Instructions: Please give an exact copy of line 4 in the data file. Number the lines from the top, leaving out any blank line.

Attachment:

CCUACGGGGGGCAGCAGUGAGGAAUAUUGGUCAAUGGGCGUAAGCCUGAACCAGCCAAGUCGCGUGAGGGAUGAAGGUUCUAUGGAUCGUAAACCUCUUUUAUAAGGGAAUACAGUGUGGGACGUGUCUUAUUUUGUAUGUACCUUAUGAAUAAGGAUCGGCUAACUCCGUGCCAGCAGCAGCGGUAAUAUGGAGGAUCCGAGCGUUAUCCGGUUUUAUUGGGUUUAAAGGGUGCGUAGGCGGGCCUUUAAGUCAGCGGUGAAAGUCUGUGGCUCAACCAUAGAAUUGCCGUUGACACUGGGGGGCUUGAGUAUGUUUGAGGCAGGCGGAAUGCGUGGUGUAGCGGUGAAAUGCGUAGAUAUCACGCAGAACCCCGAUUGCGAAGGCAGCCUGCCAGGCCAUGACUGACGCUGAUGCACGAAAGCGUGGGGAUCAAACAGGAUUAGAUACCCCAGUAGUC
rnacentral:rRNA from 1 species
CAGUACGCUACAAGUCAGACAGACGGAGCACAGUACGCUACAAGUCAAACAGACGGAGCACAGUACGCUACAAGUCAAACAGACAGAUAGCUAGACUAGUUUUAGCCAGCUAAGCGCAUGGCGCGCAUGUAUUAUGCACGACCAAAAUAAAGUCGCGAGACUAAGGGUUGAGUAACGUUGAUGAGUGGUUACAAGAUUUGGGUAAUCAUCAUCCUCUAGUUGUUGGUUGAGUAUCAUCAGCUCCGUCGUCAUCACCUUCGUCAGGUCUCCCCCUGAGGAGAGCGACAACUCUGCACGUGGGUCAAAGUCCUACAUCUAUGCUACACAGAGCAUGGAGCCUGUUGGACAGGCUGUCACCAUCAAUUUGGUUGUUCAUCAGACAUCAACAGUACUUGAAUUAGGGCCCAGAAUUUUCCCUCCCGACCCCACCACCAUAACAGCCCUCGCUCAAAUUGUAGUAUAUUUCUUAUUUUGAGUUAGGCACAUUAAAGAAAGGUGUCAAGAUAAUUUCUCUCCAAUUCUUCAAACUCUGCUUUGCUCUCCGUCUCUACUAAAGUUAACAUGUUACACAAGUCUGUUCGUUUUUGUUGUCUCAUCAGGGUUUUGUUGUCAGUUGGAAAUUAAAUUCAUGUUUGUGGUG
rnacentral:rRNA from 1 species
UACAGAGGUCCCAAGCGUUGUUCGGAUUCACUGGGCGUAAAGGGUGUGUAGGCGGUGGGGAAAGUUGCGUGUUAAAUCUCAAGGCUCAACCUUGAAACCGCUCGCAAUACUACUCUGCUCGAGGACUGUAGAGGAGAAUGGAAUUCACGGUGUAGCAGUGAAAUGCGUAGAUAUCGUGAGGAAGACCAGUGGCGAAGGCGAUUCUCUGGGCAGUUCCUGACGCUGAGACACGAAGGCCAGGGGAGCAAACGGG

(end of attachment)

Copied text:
rnacentral:rRNA from 1 species